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Apisto white bump


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Nov 24, 2019
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Sorry guys I could have sworn there was a fish illness forum but I can't find it >_<

About a week ago I noticed that right in front of the dorsel fin of my Apisto there was a white mark that looked like a wound. I had a GBR that was being a real jerk to him and was put in a different tank so I assumed that they had gotten into a scuffle and no big deal. I was away with work for 4 days and it doesn't seem to be getting better and I am getting worried that it may be something worse.

Apistos are a nightmare to get where I am and I had to drive 4 hours each way to get my pair as well as pay $30 a piece for them. Not to mention he is an awesome fish, anytime I go near the glass he follows me around and watches me so would be devastated to lose him.

Not to mention now with the medication restrictions in Canada getting anything to treat serious fish illnesses is a nightmare and will likely require a vet.

Was my initial guess correct is it just a wound that will heal or should I be quarantining and treating him.

I have a freshly cycled 20 gallon that is planted but I haven't added fish to yet, so would be a great quarantine tank as long as whatever meds he gets won't kill all the plants.

I also have an empty 5 gallon that isn't cycled or anything that would be easy to setup. I have a sponge filter in the 20 gallon I could swap over to try and rapid cycle the tank. Would just be moving the sponge filter enough to make it safe. The sponge filter has been in use in different tanks for 6 months and I originally bought it specifically for this reason.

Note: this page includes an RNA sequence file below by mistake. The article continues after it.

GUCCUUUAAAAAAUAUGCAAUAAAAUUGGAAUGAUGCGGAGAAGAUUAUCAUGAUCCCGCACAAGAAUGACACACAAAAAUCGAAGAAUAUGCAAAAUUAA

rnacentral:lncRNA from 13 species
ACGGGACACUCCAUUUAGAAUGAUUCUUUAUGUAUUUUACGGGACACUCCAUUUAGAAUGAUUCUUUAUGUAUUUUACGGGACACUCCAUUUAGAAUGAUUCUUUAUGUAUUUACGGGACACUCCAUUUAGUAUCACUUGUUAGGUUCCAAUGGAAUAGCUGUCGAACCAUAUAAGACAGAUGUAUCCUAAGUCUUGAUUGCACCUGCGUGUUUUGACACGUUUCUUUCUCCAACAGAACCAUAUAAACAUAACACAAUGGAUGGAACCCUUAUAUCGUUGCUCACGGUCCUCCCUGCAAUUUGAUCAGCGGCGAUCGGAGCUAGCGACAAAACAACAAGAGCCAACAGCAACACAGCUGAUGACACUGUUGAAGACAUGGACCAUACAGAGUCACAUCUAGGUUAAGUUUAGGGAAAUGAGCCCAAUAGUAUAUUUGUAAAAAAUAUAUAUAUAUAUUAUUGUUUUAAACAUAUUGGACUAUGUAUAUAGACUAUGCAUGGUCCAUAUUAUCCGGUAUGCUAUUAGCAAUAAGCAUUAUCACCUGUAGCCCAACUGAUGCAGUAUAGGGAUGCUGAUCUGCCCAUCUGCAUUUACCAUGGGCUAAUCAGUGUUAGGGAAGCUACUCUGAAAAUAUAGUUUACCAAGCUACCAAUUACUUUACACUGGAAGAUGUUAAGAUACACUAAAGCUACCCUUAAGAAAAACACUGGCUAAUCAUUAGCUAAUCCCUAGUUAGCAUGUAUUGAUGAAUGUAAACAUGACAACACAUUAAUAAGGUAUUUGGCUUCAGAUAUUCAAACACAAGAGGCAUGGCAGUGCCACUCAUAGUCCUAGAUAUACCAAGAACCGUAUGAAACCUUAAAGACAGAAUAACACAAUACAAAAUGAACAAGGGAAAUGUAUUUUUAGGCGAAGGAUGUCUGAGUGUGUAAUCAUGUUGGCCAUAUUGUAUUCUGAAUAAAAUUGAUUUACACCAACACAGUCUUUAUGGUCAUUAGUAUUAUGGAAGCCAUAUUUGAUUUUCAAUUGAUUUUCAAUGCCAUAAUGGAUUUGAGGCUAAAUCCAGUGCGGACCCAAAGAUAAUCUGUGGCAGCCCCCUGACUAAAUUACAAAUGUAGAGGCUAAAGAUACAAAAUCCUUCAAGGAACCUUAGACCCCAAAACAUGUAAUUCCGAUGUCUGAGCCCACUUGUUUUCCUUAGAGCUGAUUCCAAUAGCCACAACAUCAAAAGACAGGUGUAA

apisto 1.jpg
apisto 2.jpg
Apisto good 1.jpg
Apisto good 2.jpg

Sorry for the bad pics, we all know how fun fish are to try and photograph. I also now that there is algae on the glass, just got home and figured this took priority.

He doesn't seem to be in any distress and is acting completely normally. No other issues with any of the other fish.

Thanks for any help!


Jan 26, 2008
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Perth, WA
You can add rock salt (often sold as aquarium salt), sea salt or swimming pool salt to the aquarium at the dose rate of 2 heaped tablespoon per 20 litres of water.

If you only have livebearers (guppies, platies, swordtails, mollies), goldfish or rainbowfish in the tank you can double that dose rate, so you would add 4 heaped tablespoons per 20 litres.

Keep the salt level like this for at least 2 weeks but no longer than 4 weeks otherwise kidney damage can occur. Kidney damage is more likely to occur in fish from soft water (tetras, Corydoras, angelfish, gouramis, loaches) that are exposed to high levels of salt for an extended period of time, and is not an issue with livebearers, rainbowfish or other salt tolerant species.

The salt will not affect the beneficial filter bacteria but the higher dose rate will affect some plants. The lower dose rate will not affect plants.

After you use salt and the fish have recovered, you do a 10% water change each day for a week using only fresh water that has been dechlorinated. Then do a 20% water change each day for a week. Then you can do bigger water changes after that. This dilutes the salt out of the tank slowly so it doesn't harm the fish.

If you do water changes while using salt, you need to treat the new water with salt before adding it to the tank. This will keep the salt level stable in the tank and minimise stress on the fish.


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